Cubic Reports FY 2003 Increases in Sales, Earnings and Backlog

San Diego, CA, Dec. 2, 2003 -- Cubic Corporation (AMEX: CUB) today reported increased sales, earnings and backlog for fiscal 2003. Earnings for the fiscal year ended September 30, 2003 were up 24 percent and sales for the year were up 13 percent from last year. Total backlog, including unfunded contract orders, at the end of the year was 29 percent higher than at September 30, 2002.
cubic.jpgNet income for fiscal year ended September 30, 2003 was $36.5 million or $1.37 per share, compared to $29.4 million or $1.10 per share for fiscal 2002. Sales for 2003 were $634.1 million compared to 2002 sales of $559.6 million. Operating income (before taxes, interest and other income) for the fiscal year ended September 30, 2003 was $48 million compared to $39.8 million for fiscal 2002, with improvement in both the Company’s Defense and Transportation segments.

Approximately $5.3 million or 20 cents per share, after taxes, of the 2003 net income was from gains on the sale of unused real estate in the second and third quarters. Net income in 2002 included a fourth quarter tax benefit of $2.5 million, which added 9 cents per share that year. Excluding these items, pro forma earnings would have been $1.01 in 2002 and $1.17 in 2003, a 16 percent increase.

Fourth quarter 2003 sales were $160.6 million, compared to $149.2 million last year, and earnings for the quarter were $8.5 million or 32 cents per share compared to $10.2 million or 38 cents per share in the fourth quarter of last year ($7.7 million or 29 cents without the fourth quarter 2002 tax benefit.)

Total backlog at September 30, 2003 was $1.505 billion compared to $1.165 billion at September 30, 2002.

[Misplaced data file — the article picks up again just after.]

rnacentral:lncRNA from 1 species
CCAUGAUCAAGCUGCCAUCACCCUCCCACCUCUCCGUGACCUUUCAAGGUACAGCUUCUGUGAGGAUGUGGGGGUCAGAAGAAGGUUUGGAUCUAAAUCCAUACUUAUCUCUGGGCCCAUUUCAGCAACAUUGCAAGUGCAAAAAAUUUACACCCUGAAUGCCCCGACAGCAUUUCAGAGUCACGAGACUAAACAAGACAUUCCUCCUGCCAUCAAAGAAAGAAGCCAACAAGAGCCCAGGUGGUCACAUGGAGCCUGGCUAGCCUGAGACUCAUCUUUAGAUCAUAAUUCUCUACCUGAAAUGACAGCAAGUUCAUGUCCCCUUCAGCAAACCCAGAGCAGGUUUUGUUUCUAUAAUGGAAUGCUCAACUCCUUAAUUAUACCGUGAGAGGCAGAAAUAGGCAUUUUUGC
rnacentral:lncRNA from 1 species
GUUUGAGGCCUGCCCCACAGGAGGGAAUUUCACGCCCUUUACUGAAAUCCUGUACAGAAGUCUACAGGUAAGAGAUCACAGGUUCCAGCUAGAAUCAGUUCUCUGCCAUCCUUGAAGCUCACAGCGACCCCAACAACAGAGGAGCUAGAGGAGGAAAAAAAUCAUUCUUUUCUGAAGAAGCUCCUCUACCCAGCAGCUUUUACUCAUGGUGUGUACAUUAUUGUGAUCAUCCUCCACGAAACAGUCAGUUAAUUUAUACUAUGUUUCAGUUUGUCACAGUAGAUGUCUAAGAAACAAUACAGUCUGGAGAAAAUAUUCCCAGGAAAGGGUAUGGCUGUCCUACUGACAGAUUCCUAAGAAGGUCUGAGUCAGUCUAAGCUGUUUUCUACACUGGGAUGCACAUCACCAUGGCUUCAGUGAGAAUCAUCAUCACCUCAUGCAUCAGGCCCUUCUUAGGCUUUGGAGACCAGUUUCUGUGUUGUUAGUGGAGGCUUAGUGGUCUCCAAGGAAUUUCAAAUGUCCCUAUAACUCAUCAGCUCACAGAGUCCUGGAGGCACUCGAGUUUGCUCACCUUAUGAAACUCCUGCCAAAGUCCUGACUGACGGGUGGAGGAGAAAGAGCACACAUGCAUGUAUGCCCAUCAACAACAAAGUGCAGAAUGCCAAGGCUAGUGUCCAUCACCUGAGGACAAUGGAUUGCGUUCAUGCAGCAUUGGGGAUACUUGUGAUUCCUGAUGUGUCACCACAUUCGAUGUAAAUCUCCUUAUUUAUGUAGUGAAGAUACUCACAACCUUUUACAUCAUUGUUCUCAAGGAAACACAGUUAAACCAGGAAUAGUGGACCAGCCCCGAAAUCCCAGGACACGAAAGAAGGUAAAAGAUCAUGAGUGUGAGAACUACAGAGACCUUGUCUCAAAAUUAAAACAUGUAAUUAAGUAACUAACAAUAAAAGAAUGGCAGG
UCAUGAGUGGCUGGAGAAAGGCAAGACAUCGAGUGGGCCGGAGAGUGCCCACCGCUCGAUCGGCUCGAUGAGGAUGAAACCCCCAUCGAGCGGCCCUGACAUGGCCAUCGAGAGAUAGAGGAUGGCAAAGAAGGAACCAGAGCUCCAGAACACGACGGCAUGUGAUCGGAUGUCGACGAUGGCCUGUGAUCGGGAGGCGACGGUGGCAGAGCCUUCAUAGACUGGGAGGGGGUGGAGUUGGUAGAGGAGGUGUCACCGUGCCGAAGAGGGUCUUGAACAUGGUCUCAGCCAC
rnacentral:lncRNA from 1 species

“Our backlog reflects increases from both our defense and transportation segments,” said Cubic Corporation President and Chief Executive Officer Walter J. Zable. “What’s significant about our current backlog is that it reflects a diverse mix of business, a move away from years past when the backlog reflected a more limited number of customers.”

Management anticipates sales and operating income will grow modestly in fiscal 2004 followed by more accelerated growth in the following two years.

Defense Segment – 2003 Performance

Fiscal 2003 sales from the Defense segment were up 16 percent from last year, growing to $365 million from $314 million, with the growth coming primarily from training systems.

Operating income in the Defense segment was up 37 percent to $24.6 million from $17.9 million earned in 2002. The increase came primarily from the training systems business, due to sales growth as well as improved profit margins.

The Defense segment accounted for $743 million of the Company’s total backlog at the end of 2003, compared to $493 million at the end of last year. The biggest increase in Defense segment backlog was in training systems, due to ground combat training systems contracts awarded in Canada and Australia.